|Year : 2019 | Volume
| Issue : 2 | Page : 85-89
Study of feeding practice and factors influencing it among preterm babies getting Kangaroo mother care in a Tertiary Care Hospital
Gargi Gayen1, Arijit Bhowmik1, Mausumi Nandy2
1 Department of Pediatric Medicine, Division of Neonatology, Medical College, Kolkata, West Bengal, India
2 Department of Pediatric Medicine, Medical College, Kolkata, West Bengal, India
|Date of Web Publication||25-Apr-2019|
Dr. Arijit Bhowmik
6, Kulada Roy Lane, PO Khagra, Murshidabad - 742 103, West Bengal
Source of Support: None, Conflict of Interest: None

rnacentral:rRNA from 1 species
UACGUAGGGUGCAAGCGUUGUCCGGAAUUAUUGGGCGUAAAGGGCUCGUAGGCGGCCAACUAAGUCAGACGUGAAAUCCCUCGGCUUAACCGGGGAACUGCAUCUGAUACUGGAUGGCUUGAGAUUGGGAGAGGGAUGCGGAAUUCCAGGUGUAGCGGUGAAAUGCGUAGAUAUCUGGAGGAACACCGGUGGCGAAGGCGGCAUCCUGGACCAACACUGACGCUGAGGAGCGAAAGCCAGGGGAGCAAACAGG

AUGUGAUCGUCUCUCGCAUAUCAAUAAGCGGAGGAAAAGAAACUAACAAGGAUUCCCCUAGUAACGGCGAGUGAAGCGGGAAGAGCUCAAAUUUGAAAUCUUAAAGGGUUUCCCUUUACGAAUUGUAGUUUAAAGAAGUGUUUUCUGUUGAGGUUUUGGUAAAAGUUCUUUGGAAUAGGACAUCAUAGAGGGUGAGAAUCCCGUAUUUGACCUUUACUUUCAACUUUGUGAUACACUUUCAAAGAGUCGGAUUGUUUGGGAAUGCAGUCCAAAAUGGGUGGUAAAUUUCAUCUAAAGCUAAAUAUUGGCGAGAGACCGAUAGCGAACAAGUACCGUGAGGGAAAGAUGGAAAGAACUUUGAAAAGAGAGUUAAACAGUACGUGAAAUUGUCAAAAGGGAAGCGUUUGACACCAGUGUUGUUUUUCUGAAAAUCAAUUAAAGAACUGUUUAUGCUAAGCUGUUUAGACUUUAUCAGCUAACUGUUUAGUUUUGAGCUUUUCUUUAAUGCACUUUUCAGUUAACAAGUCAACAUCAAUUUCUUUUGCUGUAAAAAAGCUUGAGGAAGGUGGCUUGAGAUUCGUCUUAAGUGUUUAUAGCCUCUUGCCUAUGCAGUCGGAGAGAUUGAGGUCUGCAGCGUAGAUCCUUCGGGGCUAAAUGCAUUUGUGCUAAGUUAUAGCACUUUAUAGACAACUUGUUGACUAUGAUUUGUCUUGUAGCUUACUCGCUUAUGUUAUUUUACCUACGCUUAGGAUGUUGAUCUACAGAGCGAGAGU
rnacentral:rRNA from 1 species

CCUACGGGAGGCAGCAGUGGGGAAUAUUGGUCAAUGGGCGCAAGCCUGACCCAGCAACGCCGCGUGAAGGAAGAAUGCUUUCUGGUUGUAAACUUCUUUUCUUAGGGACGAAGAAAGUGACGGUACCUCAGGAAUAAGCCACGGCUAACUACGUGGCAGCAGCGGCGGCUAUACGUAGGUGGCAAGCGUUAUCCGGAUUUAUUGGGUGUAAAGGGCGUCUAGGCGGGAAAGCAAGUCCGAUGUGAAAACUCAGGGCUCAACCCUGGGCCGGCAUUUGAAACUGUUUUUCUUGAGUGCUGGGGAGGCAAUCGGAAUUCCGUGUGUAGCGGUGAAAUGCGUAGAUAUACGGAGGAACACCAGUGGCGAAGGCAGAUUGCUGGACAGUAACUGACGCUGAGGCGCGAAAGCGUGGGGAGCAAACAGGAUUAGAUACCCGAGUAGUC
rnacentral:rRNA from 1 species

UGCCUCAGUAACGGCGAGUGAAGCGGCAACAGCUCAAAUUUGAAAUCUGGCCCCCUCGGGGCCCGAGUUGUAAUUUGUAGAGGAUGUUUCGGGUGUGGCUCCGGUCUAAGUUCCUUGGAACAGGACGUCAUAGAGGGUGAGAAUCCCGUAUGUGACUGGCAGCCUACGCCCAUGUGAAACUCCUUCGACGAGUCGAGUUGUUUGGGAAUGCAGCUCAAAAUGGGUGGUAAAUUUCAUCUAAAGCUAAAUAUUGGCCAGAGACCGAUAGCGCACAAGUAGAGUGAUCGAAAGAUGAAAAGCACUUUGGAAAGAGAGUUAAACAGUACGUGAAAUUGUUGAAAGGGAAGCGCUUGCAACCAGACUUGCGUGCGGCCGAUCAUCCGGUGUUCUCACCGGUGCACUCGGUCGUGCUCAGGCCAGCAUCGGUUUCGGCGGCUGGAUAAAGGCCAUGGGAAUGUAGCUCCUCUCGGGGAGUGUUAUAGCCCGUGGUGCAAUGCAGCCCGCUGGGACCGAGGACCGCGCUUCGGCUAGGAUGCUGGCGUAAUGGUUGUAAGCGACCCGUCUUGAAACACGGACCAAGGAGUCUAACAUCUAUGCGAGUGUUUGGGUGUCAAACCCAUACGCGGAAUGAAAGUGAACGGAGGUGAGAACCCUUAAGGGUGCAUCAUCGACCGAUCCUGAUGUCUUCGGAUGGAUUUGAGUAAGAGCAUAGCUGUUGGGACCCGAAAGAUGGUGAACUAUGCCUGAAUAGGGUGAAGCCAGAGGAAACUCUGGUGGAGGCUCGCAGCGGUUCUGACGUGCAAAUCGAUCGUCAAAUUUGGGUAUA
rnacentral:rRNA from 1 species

Background: Kangaroo mother care (KMC) is an effective way to reduce mortality and morbidity of low-birth-weight babies. KMC feeding aims at the establishment of exclusive breastfeeding (EBF) for every baby. This study was conducted to analyze the actual feeding pattern and factors influencing it. Methods: Babies getting KMC were prospectively observed and the data related to feeding practice were collected. At discharge, the babies were divided into two groups: EBF and non-EBF. Different factors were compared between these groups. Results: Among 387 babies, 63.56% were on EBF. Postnatal counseling, early contact and initiation of feeding, early expression of breast milk, and first feeding with EBM played a pivotal role behind the establishment of EBF (P < 0.0001). Longer duration of KMC marginally helped in EBF (P = 0.0445). Conclusion: To establish EBF in KMC, the promotional measures should be taken since birth even when the baby was critically sick and separated from the mother and KMC was not initiated yet.